How to Always Get Paid--Even When Your Customer Is in Another Country
Getting a recalcitrant customer to pay up is always tough. But at least when you're located in the same country as your customer, you have some legal recourse. You can hire a collections agency, or, in the worst-case scenario, sue.
Overseas, it's a lot harder. That doesn't mean you can't get paid--just that you have to put a little extra effort into it, and that you've got to be well-prepared for things to go south before you ship. Laurel Delaney, author of the book "Exporting: The Definitive Guide to Selling Abroad Profitably," and founder and president of consulting firm Globetrade.com, has a number of strategies to help make sure you get paid. Here's what she recommends.
This is where most business owners start, says Delaney, especially if the value of the shipment is less than $5,000. Some even use PayPal for amounts up to $10,000, but bear in mind that Paypal charges 2.9 percent for domestic transactions and 3.9 percent for international ones.
"It's okay, if you don't mind spending through the nose," says Delaney. But as you grow, that 2.9 or 3.9 percent is going to look more and more onerous, and is going to cut into your profit margins. "You don't want to be paying those fees just for collecting money," she says.
Cash in Advance
It's very hard to get cash in advance for anything, says Delaney. On the other hand, "You won't get what you don't ask for. There is a remote chance it can happen. The hungrier they are for your product or service, the more likely it is that they're going to do it."
A decent alternative to cash in advance is to ask the customer to pay in installments. One common arrangement is for the customer to pay a third up front, a third while you're doing the manufacturing, and a third when you release the goods and they receive the products.
This is the most common financing tool used by small- and medium-sized businesses that are doing business overseas, says Delaney. You'll need some help from your bank and your shipping company or freight forwarder to set it up.
Essentially, a sight draft allows you to draw a check on your buyer's bank account, although the actual mechanics are a little bit more complicated than that. With a site draft, your international customer won't be able to take possession of the shipment until they sign a document saying the shipment has been made. When they do, their bank will pay you.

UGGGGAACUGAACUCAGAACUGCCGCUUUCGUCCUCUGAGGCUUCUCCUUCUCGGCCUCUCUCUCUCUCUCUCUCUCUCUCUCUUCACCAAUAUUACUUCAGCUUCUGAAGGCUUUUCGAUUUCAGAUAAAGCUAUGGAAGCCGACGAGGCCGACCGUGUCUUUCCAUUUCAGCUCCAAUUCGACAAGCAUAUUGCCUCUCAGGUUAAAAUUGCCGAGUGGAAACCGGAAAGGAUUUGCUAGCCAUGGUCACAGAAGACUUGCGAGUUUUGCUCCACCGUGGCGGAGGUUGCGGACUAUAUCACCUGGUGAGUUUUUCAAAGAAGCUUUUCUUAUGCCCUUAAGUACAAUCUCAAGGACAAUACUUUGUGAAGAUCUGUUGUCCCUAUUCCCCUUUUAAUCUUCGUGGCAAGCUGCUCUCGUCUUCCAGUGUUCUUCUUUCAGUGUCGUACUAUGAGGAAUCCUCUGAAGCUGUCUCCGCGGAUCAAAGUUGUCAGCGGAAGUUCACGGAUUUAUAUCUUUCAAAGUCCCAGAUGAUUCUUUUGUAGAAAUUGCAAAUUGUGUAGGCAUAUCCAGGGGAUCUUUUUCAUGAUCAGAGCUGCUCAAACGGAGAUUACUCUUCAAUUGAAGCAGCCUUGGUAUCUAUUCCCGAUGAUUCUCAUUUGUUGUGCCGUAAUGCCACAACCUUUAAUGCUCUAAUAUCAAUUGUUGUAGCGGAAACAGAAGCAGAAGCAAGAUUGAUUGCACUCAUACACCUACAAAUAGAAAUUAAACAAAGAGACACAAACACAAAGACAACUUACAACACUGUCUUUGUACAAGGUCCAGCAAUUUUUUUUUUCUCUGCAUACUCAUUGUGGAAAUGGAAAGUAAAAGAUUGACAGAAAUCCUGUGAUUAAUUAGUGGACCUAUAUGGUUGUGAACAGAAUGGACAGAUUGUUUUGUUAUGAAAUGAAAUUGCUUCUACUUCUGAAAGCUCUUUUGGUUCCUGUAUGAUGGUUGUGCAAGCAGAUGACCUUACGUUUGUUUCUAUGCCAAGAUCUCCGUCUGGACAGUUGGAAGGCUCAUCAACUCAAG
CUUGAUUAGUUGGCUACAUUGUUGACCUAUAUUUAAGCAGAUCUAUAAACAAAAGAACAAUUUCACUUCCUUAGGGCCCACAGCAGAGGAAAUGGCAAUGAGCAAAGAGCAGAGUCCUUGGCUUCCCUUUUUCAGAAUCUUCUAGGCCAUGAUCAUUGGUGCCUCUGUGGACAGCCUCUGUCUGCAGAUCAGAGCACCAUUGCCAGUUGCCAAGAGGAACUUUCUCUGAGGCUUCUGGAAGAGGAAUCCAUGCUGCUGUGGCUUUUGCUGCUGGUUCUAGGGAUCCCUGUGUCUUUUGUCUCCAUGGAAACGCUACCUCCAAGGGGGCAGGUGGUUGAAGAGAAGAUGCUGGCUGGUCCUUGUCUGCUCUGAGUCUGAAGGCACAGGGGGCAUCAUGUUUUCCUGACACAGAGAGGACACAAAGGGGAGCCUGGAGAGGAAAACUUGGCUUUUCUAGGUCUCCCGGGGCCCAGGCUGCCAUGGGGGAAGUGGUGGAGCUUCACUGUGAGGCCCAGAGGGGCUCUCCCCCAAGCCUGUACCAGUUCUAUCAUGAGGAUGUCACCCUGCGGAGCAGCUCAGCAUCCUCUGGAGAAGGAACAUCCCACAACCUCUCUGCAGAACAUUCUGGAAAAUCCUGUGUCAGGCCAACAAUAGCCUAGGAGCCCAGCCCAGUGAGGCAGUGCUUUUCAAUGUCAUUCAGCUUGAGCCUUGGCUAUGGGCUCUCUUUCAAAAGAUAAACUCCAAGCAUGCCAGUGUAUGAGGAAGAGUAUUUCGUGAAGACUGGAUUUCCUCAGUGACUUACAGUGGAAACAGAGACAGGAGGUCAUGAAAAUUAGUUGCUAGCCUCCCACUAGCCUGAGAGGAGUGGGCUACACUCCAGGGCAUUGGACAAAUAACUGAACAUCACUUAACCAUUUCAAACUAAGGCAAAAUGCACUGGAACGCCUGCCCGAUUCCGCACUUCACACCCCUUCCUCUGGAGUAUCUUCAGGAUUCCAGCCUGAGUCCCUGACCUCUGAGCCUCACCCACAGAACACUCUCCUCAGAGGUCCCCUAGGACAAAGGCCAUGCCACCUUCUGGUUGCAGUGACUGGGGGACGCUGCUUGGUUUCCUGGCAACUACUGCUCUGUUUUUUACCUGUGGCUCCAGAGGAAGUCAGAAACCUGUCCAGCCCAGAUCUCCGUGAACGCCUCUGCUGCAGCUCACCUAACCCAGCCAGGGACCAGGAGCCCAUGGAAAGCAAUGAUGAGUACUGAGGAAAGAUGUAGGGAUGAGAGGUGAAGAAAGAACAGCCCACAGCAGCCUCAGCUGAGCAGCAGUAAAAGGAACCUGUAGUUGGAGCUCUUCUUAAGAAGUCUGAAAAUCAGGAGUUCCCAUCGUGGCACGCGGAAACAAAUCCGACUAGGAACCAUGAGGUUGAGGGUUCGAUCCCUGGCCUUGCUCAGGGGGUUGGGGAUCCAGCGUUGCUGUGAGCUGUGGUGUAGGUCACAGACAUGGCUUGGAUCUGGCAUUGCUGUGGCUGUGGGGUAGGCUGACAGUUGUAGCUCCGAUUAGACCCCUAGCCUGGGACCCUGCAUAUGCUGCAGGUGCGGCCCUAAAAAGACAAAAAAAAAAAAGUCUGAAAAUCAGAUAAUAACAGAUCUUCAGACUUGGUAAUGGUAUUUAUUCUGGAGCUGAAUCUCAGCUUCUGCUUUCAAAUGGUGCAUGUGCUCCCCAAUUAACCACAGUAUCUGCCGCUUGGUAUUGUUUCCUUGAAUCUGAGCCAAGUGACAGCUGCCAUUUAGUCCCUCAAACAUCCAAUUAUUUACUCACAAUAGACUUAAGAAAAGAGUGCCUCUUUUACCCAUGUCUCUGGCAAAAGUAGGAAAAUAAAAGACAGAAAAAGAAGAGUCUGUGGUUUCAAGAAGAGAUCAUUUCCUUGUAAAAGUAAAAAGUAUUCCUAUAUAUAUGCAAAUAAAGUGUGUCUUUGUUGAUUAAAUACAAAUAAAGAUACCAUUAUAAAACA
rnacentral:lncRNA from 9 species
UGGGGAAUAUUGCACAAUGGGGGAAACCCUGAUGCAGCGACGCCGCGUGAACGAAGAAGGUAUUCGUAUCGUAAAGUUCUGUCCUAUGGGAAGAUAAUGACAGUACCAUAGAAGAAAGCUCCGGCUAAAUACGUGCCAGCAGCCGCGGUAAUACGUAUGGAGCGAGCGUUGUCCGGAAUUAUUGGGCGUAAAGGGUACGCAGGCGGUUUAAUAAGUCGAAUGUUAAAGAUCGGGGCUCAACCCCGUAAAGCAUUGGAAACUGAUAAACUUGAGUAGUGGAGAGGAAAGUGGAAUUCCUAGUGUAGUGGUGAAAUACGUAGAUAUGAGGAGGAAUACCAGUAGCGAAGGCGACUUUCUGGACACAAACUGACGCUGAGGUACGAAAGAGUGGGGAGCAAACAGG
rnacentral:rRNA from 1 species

By definition, sight drafts are supposed to be paid immediately, but they often take a day or two to be processed (not unlike checks).
Letter of Credit
Delaney refers to these as the Maserati of payments. In effect, a letter of credit substitutes the creditworthiness of your customer's bank for that of your customer itself. You'll have to work hand-in-hand with your banker to get a letter of credit, and they're usually not used for shipments of less than $5,000. Your customer has to draft a letter of credit with his or her bank, too.
A letter of credit is paid (or not) based on the conditions in the letter of credit itself, which often include an inspection of the shipment itself. The contents of a sales agreement or any other contract are not necessarily applicable here.
In general, a letter of credit will cost you about 1/8 of one percent of the value of the shipment, says Delaney. "It brings you peace of mind," says Delaney, "It's worth the price, and it's worth your time."
If You Didn't Prepare in Advance…
If your customer has possession of your goods, and you've done nothing to make sure you get paid, all is not lost. But you've got a lot of legwork to do. "It's almost as if you're treating the customer as if they're local," says Delaney. In other words, you admit (to yourself, at least) that legal recourse is almost nonexistent, and work to wheedle or shame the money out of your customer anyway.
For a small dollar amount, start with a simple email, says Delaney. Ask: "Is there something we failed to do? Perhaps we do not understand the timeline for payment?" Mention that you'd just love to send someone to their office, in person, to discuss it.
If that doesn't work, send a more insistent email, and say that really, you'd hate to have to ask the U.S. Embassy for help, because you wouldn't want to do anything to tarnish this most valued customer's reputation. If that doesn't work, you absolutely can go to the U.S. Embassy in the customer's country and ask for their help. Often, just the threat of this will get people to pay up.
There are other ways to find government officials who may be able to help. At www.export.gov, pull down the tab for the market your delinquent customer is located in. There, you'll find lists of specialists categorized by industry or product. Find the specialist in your product and country, explain what's going on, and tell them you need help.
"Almost nobody will do this," says Delaney. That makes your odds all the better when you do.